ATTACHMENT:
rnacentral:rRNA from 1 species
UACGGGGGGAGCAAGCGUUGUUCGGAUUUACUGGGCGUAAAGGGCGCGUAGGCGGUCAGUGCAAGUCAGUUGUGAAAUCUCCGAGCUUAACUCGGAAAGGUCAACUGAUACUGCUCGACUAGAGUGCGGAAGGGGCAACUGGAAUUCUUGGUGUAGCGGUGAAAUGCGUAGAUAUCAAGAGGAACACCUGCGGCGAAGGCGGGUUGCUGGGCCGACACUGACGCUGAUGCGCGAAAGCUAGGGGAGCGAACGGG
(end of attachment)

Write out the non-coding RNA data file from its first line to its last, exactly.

rnacentral:rRNA from 1 species
UACGGGGGGAGCAAGCGUUGUUCGGAUUUACUGGGCGUAAAGGGCGCGUAGGCGGUCAGUGCAAGUCAGUUGUGAAAUCUCCGAGCUUAACUCGGAAAGGUCAACUGAUACUGCUCGACUAGAGUGCGGAAGGGGCAACUGGAAUUCUUGGUGUAGCGGUGAAAUGCGUAGAUAUCAAGAGGAACACCUGCGGCGAAGGCGGGUUGCUGGGCCGACACUGACGCUGAUGCGCGAAAGCUAGGGGAGCGAACGGG